Food & Nostalgia: The Cake
Like music, food is tied to emotion, memory and tradition – and certain dishes can transport us back through the years, all the way to childhood. Here, a cherished family recipe that lives on for generations to come
Elly and Esme have been married for 55 years (going on 56) and are an inspiring example of lifelong love.
Elly was born in Kaunas, Lithuania. With the rise of Hitler, Elly and his family were moved to the Kaunas Ghetto for three years. They were then taken to Dachau concentration camp for a year, where he and his father were separated from his mother. By a stroke of miracle, Elly, his father and mother all survived and were reunited after the war.
Eventually they were relocated to Rhodesia, Africa. After graduating from the University of the Witwatersrand as an electronic engineer, Elly, being the dapper young man that he was, was set up with many girls, yet it wasn’t until he met Esme on a blind date in Johannesburg that they fell in love and decided to get married.
Elly and Esme decided to move to Canada in the sixties to leave the apartheid society. Now they live in Toronto, with their three children and grandchildren near by.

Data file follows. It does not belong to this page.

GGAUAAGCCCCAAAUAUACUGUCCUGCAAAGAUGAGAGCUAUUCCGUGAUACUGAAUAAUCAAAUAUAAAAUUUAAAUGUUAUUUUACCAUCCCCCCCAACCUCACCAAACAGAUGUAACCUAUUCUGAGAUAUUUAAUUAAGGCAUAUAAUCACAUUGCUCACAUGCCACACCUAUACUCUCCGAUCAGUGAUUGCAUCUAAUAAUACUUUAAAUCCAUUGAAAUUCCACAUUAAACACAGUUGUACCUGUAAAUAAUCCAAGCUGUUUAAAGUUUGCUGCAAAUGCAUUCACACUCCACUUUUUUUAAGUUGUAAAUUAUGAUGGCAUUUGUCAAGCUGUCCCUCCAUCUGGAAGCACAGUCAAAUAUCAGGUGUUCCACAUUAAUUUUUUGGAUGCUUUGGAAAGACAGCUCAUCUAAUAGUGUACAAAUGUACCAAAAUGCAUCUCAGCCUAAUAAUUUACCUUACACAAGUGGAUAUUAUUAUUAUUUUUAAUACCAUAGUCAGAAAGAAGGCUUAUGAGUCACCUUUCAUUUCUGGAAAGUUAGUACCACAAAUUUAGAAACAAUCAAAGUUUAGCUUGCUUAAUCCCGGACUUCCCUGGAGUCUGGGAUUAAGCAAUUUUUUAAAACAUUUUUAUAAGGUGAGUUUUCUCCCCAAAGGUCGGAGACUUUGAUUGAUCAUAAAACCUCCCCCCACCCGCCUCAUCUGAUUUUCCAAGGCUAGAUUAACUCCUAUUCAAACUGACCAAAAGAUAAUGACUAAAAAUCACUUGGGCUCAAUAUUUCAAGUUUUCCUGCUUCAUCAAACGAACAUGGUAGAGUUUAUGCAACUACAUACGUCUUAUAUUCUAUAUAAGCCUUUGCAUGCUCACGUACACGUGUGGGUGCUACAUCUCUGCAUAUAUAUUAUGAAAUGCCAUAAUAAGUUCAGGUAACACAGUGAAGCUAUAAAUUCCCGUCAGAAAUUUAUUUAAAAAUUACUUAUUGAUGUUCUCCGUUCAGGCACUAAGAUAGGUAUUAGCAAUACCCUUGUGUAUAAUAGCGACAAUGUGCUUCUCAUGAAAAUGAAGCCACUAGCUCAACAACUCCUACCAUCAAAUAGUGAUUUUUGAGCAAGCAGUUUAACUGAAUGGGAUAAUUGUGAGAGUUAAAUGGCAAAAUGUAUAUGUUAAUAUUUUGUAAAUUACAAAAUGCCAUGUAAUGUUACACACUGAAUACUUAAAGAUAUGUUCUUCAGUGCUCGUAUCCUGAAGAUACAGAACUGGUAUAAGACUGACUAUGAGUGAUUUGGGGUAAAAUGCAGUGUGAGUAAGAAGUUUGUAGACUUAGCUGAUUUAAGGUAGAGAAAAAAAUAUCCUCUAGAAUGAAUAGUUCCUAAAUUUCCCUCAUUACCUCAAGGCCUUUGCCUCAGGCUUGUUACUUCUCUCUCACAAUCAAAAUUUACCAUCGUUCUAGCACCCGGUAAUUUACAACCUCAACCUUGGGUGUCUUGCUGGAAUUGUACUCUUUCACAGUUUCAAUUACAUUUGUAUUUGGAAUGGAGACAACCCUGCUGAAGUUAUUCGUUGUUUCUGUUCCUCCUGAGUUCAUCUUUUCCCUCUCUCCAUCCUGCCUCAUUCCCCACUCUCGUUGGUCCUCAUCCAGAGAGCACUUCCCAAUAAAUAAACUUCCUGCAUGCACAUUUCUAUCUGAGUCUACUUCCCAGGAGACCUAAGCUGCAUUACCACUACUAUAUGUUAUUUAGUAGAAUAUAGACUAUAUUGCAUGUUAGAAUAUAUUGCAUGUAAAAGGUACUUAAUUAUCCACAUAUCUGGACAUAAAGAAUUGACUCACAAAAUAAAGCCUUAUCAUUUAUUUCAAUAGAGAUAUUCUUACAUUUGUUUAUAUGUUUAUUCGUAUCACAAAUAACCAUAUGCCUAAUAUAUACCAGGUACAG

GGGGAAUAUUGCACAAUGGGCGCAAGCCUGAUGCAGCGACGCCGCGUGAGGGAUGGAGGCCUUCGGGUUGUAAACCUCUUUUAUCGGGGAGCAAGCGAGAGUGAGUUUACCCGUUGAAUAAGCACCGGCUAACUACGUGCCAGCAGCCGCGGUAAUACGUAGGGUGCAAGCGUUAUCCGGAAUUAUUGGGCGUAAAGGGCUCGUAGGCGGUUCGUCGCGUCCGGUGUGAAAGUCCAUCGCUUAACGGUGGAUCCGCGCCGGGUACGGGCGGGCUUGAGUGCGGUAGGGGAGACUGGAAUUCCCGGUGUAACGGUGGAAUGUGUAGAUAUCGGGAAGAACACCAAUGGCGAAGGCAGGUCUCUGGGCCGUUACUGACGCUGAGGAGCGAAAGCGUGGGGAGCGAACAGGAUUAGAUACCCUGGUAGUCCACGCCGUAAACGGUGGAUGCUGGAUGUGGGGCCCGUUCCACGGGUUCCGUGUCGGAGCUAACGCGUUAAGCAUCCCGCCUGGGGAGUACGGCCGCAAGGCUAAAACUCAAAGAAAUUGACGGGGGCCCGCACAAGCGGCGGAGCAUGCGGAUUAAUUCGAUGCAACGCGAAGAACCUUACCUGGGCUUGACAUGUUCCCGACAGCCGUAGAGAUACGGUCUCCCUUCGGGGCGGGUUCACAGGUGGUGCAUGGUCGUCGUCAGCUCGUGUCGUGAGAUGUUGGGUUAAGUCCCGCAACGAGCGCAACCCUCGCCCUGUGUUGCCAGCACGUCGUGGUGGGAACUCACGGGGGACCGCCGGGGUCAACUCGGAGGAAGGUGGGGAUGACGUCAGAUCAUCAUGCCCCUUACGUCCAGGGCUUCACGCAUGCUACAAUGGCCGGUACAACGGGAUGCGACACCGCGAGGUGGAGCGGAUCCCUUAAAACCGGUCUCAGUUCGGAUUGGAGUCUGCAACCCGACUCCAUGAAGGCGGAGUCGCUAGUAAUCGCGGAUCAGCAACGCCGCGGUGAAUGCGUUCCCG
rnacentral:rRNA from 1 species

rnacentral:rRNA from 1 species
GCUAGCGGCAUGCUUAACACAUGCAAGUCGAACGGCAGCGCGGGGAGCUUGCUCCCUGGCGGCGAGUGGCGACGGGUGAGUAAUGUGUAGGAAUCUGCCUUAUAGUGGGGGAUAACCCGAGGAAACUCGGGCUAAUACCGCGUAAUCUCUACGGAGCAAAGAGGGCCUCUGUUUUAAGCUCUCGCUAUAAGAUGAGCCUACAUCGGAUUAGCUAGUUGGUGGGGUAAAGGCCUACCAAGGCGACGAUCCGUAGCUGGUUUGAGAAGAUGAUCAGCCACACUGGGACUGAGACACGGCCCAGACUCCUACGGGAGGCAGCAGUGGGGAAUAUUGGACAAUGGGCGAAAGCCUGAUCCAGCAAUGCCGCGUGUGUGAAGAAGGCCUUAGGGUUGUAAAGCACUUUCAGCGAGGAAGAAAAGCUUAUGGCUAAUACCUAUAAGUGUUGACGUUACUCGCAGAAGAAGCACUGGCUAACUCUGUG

Since Elly was a child, his mother Sonja would make him a 7-Layer Napoleon Cake for his birthday. This recipe was unique to the Gotz family, and it was Elly’s favourite dish. When the family was reunited after the war, they were eventually able to make the recipe again. Sonja eventually passed on the recipe to Esme, who continues to make the Napoleon cake for Elly year after year.
Sonja Gotz’ Recipe for 7 Layer Napoleon Cake
Heat oven to 450◦
You will need one 11 x 17 baking sheet (2 would be better)
½ pound butter
2 tsp baking powder (heaped)
Pinch of salt
1 tsp vanilla
1 Cup of Milk
5 – 6 cups of flour (a little more if the dough is still sticky)
Divide dough into 7 balls
Roll out and spread each layer in a 11 x 17 inch jelly roll baking sheet
Prick all over with a fork
(It’s okay if each layer is not perfectly square as the edges will be cut off and straightened later.)
Bake one at a time for 5 – 6 minutes until lightly browned
To Make the Custard
2 cups sugar
¾ cup flour
1 tsp Vanilla
Pinch of salt
Mix with ¾ cup cold milk
Bring 2 litres of whole milk to a boil.
Stir in the custard ingredients and bring back to a slow boil.
Stir continuously with a wooden spoon until thick.
It’s ready when the custard coats the spoon.
Leave to cool.
Spread a soup ladle of custard on the first baked layer.
Place the second layer on top with another spoon of custard.
Continue with each layer including the top layer.
For the top layer, crumble plain cookies (like arrowroot) and sprinkle on top.
Leave overnight in the fridge to allow the custard to sink into the layers.
Then trim and cut to the desired size.
Makes one large 11 x 17 cake or 2 or 3 smaller ones
What is your nostalgia food? Let us know in the comments!